She said their research would hopefully provide the answers with regard to the optimal dose for rehabilitation in terms of frequency, intensity and duration of the exercises upon completion of the stroke patient’s acute treatment process.



Dr Wan Asyraf Wan Zaidi. -- Photo courtesy of Dr Wan Asyraf Wan Zaidi

HCTM neurologist and AVERT DOSE trial national co-lead Dr Wan Asyraf Wan Zaidi, meanwhile, said among those in the high-risk group for stroke are individuals with high blood pressure whose systolic readings exceed 140 and diastolic above 90, as well as heart patients and diabetics.

“While a heart attack is preceded by signs such as chest pain and numbness in the hand, stoke can occur without any sign and can happen to anyone at any time,” he said.

Another risk factor for stroke is atrial fibrillation (irregular heartbeat) which, among others, can lead to the formation of blood clots in the brain, he added.

There are two main types of stroke – ischemic stroke, caused by interruption of blood flow and decrease in oxygen to the brain; and haemorrhagic stroke, which occurs when a blood vessel in the brain ruptures, spilling blood into adjacent brain tissue.

Dr Wan Asyraf said most of the stroke cases reported in Asia involve ischemic stroke while the percentage of haemorrhagic stroke is also growing higher. Like any other non-communicable disease, stroke is best prevented, he said.

Dr Wan Asyraf (centre) speaking to the relative of a stroke patient at HCTM's rehabilitation ward. -- Photo courtesy of Dr Wan Asyraf Wan Zaidi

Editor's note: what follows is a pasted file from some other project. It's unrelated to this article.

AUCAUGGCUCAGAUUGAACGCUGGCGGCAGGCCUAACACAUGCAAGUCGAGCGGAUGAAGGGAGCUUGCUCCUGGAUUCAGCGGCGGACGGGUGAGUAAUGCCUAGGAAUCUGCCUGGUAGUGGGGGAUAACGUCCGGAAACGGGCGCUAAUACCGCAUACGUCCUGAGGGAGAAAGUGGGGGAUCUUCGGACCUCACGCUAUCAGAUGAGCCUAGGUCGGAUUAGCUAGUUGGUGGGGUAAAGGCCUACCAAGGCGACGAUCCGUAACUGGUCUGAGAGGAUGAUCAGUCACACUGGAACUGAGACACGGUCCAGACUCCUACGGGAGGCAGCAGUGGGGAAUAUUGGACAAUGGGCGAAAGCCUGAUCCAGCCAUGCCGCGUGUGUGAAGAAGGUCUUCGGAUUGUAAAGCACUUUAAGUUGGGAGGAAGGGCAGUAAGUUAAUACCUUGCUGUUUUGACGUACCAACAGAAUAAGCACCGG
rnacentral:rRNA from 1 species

He said the delay in getting treatment can potentially lead to permanent paralysis of the limbs due to the disruption of blood supply going to the brain or ruptured blood vessels that can prevent the proper flow of blood and oxygen to the brain. Without oxygen, the affected brain cells are damaged or they die, resulting in physical, cognitive and mental disabilities.

“However, it is not impossible for a stroke patient to make a full recovery if they are treated within 4.5 hours after the stroke, which we refer to as the ‘golden hour’. In such a case, the chances of preventing paralysis are high,” said Dr Wan Asyraf, who is Malaysia Stroke Council deputy president.



By learning and sharing the F.A.S.T. warning signs, you just might save a life from stroke. -- Photo courtesy of

The neurologist said stroke patients are subjected to acute treatment and rehabilitation to prevent the recurrence of an attack. HCTM has since 2013 opened a ward for acute stoke patients where they are attended to by various specialists from the emergency, radiology and anaesthetic departments, as well as nurses, paramedics and physiotherapists.

Dr Wan Asyraf said stroke patients are also given the latest endovascular treatment in HCTM whereby any blood clot in the brain can be removed with the help of a stent that is inserted into the blood vessel where the blood clot is present.

“This process has to be carried out as soon as possible in a hospital that is equipped with a team of stroke experts,” he said, adding that as many as two million brain cells can die every minute as soon as blood flow to the brain is interrupted.

Dr Wan Asyraf also said that the latest data on stroke patients in this country has revealed an increase in cases among young people, especially men, who were in their mid-30s to 40s.

“Stroke is no longer a disease that only affects older people. In fact, one in four adults in the world can get a stroke,” he said.

He said those who have suffered a mild stroke are at risk of facing a second attack because they already have a history of having a clogged or ruptured blood vessel.

“If they don’t take care of their diet or observe a healthy lifestyle, there’s a great possibility of a second attack which is more severe. It’s important for stroke patients to continue to go for follow-up health checks even after they have recovered to prevent stroke recurrence,” he added.


Translated by Rema Nambiar